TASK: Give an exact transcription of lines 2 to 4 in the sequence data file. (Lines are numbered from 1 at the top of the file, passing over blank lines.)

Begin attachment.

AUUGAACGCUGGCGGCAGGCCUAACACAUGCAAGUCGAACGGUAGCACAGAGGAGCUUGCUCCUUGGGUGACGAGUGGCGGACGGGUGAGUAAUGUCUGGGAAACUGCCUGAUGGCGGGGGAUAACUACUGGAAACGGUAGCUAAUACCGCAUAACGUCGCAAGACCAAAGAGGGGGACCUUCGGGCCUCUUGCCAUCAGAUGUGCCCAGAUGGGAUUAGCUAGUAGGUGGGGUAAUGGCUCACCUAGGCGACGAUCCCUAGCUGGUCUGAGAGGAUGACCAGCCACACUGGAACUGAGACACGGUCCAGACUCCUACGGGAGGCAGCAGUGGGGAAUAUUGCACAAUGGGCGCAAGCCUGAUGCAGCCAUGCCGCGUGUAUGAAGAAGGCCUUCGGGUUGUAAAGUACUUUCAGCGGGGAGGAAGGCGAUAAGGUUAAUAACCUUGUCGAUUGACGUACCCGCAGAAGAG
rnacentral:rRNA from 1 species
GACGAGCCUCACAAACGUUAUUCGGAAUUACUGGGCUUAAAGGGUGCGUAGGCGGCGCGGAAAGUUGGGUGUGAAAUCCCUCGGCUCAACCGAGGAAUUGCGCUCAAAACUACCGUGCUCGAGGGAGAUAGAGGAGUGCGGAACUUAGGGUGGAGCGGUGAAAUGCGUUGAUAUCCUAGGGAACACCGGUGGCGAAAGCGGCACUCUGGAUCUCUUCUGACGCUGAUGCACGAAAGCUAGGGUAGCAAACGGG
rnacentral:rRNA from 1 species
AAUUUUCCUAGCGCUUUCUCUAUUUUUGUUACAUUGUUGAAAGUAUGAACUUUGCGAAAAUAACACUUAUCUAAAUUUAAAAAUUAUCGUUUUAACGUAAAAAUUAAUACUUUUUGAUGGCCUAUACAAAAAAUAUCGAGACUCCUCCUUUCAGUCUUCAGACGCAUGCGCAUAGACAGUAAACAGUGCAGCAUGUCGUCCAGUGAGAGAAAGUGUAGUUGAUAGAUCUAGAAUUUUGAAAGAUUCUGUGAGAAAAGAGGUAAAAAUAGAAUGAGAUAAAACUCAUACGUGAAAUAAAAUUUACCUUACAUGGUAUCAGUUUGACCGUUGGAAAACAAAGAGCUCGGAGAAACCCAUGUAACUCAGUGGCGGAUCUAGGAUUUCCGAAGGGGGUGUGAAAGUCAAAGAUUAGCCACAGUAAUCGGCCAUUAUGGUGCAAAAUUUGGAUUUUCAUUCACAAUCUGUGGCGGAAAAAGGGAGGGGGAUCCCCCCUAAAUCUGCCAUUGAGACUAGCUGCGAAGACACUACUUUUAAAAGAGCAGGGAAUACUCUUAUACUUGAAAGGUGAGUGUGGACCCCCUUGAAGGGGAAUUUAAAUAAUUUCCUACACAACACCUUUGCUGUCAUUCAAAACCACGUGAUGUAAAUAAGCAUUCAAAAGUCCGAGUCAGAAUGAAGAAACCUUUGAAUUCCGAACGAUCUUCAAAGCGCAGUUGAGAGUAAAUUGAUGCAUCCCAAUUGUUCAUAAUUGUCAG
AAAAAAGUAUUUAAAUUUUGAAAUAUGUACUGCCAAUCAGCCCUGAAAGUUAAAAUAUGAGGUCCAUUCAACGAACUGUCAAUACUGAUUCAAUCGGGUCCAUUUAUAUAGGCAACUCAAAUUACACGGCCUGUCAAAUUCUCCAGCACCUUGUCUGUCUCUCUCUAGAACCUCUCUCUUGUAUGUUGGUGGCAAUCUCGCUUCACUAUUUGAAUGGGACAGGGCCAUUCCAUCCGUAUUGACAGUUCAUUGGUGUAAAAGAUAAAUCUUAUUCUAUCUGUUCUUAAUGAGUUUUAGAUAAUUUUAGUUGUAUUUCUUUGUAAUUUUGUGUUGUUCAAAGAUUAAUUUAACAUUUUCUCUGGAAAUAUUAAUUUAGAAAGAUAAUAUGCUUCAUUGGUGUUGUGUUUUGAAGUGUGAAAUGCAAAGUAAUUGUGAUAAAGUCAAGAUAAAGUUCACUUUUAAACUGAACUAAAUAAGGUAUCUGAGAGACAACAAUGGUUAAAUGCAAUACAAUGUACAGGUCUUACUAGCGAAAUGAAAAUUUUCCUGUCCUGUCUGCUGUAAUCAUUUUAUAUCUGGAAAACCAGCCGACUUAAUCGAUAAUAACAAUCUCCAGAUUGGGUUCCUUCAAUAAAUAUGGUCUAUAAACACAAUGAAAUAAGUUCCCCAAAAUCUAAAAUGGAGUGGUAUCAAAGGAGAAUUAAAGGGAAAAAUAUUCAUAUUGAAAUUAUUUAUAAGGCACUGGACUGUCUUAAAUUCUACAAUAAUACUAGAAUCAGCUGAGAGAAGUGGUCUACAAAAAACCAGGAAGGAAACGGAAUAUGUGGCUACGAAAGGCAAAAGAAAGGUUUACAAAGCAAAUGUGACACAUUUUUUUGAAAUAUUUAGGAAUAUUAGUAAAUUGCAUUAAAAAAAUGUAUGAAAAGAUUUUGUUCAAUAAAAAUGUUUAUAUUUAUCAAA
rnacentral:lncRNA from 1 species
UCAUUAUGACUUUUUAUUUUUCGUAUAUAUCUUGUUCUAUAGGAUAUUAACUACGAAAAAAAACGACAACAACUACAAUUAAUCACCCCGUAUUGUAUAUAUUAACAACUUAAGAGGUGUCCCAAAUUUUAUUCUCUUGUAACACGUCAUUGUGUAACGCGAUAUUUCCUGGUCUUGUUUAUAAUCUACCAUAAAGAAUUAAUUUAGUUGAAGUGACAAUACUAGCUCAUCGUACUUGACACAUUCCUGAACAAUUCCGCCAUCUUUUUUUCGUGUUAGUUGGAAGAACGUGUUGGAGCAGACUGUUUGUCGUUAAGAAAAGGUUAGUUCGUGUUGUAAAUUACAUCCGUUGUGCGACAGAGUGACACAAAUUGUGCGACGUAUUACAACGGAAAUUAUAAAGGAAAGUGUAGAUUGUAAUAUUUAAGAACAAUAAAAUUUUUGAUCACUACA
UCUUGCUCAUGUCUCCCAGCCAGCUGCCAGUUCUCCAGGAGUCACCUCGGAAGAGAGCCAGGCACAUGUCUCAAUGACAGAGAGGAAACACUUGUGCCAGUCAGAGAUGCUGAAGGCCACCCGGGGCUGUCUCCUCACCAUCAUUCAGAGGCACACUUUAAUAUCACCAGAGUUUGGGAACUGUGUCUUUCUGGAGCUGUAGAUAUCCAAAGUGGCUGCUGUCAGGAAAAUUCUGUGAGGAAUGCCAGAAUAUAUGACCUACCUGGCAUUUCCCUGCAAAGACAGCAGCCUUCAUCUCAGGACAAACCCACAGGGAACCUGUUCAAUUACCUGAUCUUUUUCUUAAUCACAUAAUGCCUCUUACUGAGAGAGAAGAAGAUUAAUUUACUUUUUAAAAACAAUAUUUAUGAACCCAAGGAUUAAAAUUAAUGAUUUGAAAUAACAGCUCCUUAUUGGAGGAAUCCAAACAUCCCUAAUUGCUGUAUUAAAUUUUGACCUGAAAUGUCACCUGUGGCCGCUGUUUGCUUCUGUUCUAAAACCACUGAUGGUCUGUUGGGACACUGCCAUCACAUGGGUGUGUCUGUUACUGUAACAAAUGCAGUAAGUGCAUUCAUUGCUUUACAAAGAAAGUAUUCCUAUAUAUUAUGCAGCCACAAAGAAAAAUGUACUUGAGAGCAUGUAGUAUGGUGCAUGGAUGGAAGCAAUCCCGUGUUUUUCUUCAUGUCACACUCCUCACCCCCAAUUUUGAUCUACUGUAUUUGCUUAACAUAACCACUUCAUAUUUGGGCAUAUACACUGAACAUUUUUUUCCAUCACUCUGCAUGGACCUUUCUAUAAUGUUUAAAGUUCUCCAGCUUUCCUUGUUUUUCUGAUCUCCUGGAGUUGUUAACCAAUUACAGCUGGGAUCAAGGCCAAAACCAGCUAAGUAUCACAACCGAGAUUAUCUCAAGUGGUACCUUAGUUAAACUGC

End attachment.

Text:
rnacentral:rRNA from 1 species
GACGAGCCUCACAAACGUUAUUCGGAAUUACUGGGCUUAAAGGGUGCGUAGGCGGCGCGGAAAGUUGGGUGUGAAAUCCCUCGGCUCAACCGAGGAAUUGCGCUCAAAACUACCGUGCUCGAGGGAGAUAGAGGAGUGCGGAACUUAGGGUGGAGCGGUGAAAUGCGUUGAUAUCCUAGGGAACACCGGUGGCGAAAGCGGCACUCUGGAUCUCUUCUGACGCUGAUGCACGAAAGCUAGGGUAGCAAACGGG
rnacentral:rRNA from 1 species